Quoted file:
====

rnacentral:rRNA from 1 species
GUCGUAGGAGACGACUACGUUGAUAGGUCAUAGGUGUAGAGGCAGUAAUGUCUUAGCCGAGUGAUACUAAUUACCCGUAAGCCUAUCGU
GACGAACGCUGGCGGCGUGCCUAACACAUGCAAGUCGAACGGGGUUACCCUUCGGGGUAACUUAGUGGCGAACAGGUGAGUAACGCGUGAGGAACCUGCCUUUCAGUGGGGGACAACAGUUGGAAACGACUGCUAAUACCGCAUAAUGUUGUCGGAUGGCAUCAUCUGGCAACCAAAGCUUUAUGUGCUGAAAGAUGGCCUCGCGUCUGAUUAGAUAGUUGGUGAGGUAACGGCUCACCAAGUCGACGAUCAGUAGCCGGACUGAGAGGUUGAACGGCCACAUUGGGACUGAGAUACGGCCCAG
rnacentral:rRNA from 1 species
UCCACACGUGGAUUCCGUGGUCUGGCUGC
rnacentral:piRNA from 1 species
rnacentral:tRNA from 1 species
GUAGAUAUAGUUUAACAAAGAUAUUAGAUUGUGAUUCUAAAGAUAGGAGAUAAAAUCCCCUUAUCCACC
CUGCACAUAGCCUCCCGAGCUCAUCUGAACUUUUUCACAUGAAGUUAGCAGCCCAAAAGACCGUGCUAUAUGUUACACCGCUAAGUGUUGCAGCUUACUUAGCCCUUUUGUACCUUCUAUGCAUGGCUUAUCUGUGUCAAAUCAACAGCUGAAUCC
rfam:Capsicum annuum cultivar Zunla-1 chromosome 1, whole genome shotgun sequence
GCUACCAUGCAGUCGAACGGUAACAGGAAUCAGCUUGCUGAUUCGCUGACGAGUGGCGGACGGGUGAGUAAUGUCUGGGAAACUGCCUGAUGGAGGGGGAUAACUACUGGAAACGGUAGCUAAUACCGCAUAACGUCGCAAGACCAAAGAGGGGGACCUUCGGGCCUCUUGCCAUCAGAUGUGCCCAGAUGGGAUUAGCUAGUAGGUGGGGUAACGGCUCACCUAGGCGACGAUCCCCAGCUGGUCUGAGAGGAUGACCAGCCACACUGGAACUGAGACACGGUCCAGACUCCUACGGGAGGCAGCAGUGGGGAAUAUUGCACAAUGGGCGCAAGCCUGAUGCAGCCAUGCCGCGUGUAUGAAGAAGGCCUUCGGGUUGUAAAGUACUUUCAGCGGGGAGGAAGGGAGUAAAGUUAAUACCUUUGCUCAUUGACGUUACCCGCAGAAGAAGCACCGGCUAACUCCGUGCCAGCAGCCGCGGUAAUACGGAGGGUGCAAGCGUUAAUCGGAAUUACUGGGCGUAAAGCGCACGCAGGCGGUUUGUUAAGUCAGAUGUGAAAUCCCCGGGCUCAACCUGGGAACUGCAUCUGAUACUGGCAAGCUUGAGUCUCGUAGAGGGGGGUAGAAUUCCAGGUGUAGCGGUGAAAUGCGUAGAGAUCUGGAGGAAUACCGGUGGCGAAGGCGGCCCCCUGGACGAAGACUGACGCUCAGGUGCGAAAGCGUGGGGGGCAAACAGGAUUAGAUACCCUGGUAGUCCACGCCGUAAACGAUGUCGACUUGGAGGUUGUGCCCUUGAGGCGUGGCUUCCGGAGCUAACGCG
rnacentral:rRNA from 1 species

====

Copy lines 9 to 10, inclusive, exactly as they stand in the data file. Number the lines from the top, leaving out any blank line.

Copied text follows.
CUGCACAUAGCCUCCCGAGCUCAUCUGAACUUUUUCACAUGAAGUUAGCAGCCCAAAAGACCGUGCUAUAUGUUACACCGCUAAGUGUUGCAGCUUACUUAGCCCUUUUGUACCUUCUAUGCAUGGCUUAUCUGUGUCAAAUCAACAGCUGAAUCC
rfam:Capsicum annuum cultivar Zunla-1 chromosome 1, whole genome shotgun sequence